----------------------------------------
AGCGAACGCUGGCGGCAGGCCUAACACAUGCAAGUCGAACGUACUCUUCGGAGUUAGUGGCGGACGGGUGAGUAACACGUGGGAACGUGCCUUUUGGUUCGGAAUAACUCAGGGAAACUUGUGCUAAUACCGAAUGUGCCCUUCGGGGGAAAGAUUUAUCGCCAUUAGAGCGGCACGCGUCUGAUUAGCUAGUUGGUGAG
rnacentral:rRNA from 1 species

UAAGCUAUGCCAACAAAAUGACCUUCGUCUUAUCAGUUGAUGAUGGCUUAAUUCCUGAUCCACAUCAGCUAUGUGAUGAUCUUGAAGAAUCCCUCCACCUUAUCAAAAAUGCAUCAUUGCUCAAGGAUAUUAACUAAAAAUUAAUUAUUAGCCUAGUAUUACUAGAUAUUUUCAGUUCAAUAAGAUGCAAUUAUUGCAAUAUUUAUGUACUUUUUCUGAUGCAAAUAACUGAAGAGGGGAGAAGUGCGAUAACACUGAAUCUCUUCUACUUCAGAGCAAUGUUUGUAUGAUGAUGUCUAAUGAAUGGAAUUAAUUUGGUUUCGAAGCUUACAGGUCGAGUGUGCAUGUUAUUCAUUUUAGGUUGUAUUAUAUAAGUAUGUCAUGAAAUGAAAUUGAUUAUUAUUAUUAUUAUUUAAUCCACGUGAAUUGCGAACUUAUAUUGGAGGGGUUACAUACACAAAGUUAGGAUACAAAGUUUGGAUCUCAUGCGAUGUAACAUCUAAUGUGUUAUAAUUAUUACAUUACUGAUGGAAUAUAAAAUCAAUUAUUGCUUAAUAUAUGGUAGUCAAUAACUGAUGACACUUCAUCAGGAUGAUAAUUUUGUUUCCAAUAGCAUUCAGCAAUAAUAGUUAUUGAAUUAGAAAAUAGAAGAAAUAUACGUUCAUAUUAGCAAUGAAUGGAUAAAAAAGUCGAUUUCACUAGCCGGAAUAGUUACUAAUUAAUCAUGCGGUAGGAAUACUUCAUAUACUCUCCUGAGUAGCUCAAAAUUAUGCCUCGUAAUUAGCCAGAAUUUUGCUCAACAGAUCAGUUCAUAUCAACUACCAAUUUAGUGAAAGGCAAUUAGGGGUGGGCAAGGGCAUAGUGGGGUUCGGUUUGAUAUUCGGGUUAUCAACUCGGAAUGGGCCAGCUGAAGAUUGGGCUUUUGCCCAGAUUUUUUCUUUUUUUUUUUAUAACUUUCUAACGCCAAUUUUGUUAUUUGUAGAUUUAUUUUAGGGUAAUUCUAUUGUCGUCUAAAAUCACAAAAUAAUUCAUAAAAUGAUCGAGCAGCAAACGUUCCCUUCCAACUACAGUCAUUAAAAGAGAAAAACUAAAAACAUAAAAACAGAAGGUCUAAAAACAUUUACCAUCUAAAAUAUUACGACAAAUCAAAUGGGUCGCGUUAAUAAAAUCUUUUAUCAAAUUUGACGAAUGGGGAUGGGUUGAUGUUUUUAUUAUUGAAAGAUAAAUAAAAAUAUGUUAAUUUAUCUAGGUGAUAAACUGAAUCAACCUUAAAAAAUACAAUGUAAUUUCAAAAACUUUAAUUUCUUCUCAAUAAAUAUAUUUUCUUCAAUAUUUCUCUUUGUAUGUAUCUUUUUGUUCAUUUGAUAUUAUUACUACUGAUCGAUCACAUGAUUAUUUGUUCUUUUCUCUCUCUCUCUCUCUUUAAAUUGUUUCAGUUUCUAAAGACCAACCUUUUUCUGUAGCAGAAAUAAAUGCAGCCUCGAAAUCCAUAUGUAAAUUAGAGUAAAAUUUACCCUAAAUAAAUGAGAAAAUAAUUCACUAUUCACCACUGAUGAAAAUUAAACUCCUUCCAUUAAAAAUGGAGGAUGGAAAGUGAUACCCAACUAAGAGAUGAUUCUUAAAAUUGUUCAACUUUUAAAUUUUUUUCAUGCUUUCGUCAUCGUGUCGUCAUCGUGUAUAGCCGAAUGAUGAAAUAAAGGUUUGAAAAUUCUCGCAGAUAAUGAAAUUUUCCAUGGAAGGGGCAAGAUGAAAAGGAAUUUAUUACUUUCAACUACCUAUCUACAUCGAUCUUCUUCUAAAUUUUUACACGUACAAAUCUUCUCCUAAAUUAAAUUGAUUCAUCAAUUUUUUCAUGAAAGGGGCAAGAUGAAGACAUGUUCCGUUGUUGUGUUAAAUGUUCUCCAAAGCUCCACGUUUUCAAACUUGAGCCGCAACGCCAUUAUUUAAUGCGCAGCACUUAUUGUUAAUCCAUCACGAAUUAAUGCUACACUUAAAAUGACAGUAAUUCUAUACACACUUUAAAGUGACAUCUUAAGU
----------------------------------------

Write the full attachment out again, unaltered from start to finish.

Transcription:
AGCGAACGCUGGCGGCAGGCCUAACACAUGCAAGUCGAACGUACUCUUCGGAGUUAGUGGCGGACGGGUGAGUAACACGUGGGAACGUGCCUUUUGGUUCGGAAUAACUCAGGGAAACUUGUGCUAAUACCGAAUGUGCCCUUCGGGGGAAAGAUUUAUCGCCAUUAGAGCGGCACGCGUCUGAUUAGCUAGUUGGUGAG
rnacentral:rRNA from 1 species

UAAGCUAUGCCAACAAAAUGACCUUCGUCUUAUCAGUUGAUGAUGGCUUAAUUCCUGAUCCACAUCAGCUAUGUGAUGAUCUUGAAGAAUCCCUCCACCUUAUCAAAAAUGCAUCAUUGCUCAAGGAUAUUAACUAAAAAUUAAUUAUUAGCCUAGUAUUACUAGAUAUUUUCAGUUCAAUAAGAUGCAAUUAUUGCAAUAUUUAUGUACUUUUUCUGAUGCAAAUAACUGAAGAGGGGAGAAGUGCGAUAACACUGAAUCUCUUCUACUUCAGAGCAAUGUUUGUAUGAUGAUGUCUAAUGAAUGGAAUUAAUUUGGUUUCGAAGCUUACAGGUCGAGUGUGCAUGUUAUUCAUUUUAGGUUGUAUUAUAUAAGUAUGUCAUGAAAUGAAAUUGAUUAUUAUUAUUAUUAUUUAAUCCACGUGAAUUGCGAACUUAUAUUGGAGGGGUUACAUACACAAAGUUAGGAUACAAAGUUUGGAUCUCAUGCGAUGUAACAUCUAAUGUGUUAUAAUUAUUACAUUACUGAUGGAAUAUAAAAUCAAUUAUUGCUUAAUAUAUGGUAGUCAAUAACUGAUGACACUUCAUCAGGAUGAUAAUUUUGUUUCCAAUAGCAUUCAGCAAUAAUAGUUAUUGAAUUAGAAAAUAGAAGAAAUAUACGUUCAUAUUAGCAAUGAAUGGAUAAAAAAGUCGAUUUCACUAGCCGGAAUAGUUACUAAUUAAUCAUGCGGUAGGAAUACUUCAUAUACUCUCCUGAGUAGCUCAAAAUUAUGCCUCGUAAUUAGCCAGAAUUUUGCUCAACAGAUCAGUUCAUAUCAACUACCAAUUUAGUGAAAGGCAAUUAGGGGUGGGCAAGGGCAUAGUGGGGUUCGGUUUGAUAUUCGGGUUAUCAACUCGGAAUGGGCCAGCUGAAGAUUGGGCUUUUGCCCAGAUUUUUUCUUUUUUUUUUUAUAACUUUCUAACGCCAAUUUUGUUAUUUGUAGAUUUAUUUUAGGGUAAUUCUAUUGUCGUCUAAAAUCACAAAAUAAUUCAUAAAAUGAUCGAGCAGCAAACGUUCCCUUCCAACUACAGUCAUUAAAAGAGAAAAACUAAAAACAUAAAAACAGAAGGUCUAAAAACAUUUACCAUCUAAAAUAUUACGACAAAUCAAAUGGGUCGCGUUAAUAAAAUCUUUUAUCAAAUUUGACGAAUGGGGAUGGGUUGAUGUUUUUAUUAUUGAAAGAUAAAUAAAAAUAUGUUAAUUUAUCUAGGUGAUAAACUGAAUCAACCUUAAAAAAUACAAUGUAAUUUCAAAAACUUUAAUUUCUUCUCAAUAAAUAUAUUUUCUUCAAUAUUUCUCUUUGUAUGUAUCUUUUUGUUCAUUUGAUAUUAUUACUACUGAUCGAUCACAUGAUUAUUUGUUCUUUUCUCUCUCUCUCUCUCUUUAAAUUGUUUCAGUUUCUAAAGACCAACCUUUUUCUGUAGCAGAAAUAAAUGCAGCCUCGAAAUCCAUAUGUAAAUUAGAGUAAAAUUUACCCUAAAUAAAUGAGAAAAUAAUUCACUAUUCACCACUGAUGAAAAUUAAACUCCUUCCAUUAAAAAUGGAGGAUGGAAAGUGAUACCCAACUAAGAGAUGAUUCUUAAAAUUGUUCAACUUUUAAAUUUUUUUCAUGCUUUCGUCAUCGUGUCGUCAUCGUGUAUAGCCGAAUGAUGAAAUAAAGGUUUGAAAAUUCUCGCAGAUAAUGAAAUUUUCCAUGGAAGGGGCAAGAUGAAAAGGAAUUUAUUACUUUCAACUACCUAUCUACAUCGAUCUUCUUCUAAAUUUUUACACGUACAAAUCUUCUCCUAAAUUAAAUUGAUUCAUCAAUUUUUUCAUGAAAGGGGCAAGAUGAAGACAUGUUCCGUUGUUGUGUUAAAUGUUCUCCAAAGCUCCACGUUUUCAAACUUGAGCCGCAACGCCAUUAUUUAAUGCGCAGCACUUAUUGUUAAUCCAUCACGAAUUAAUGCUACACUUAAAAUGACAGUAAUUCUAUACACACUUUAAAGUGACAUCUUAAGU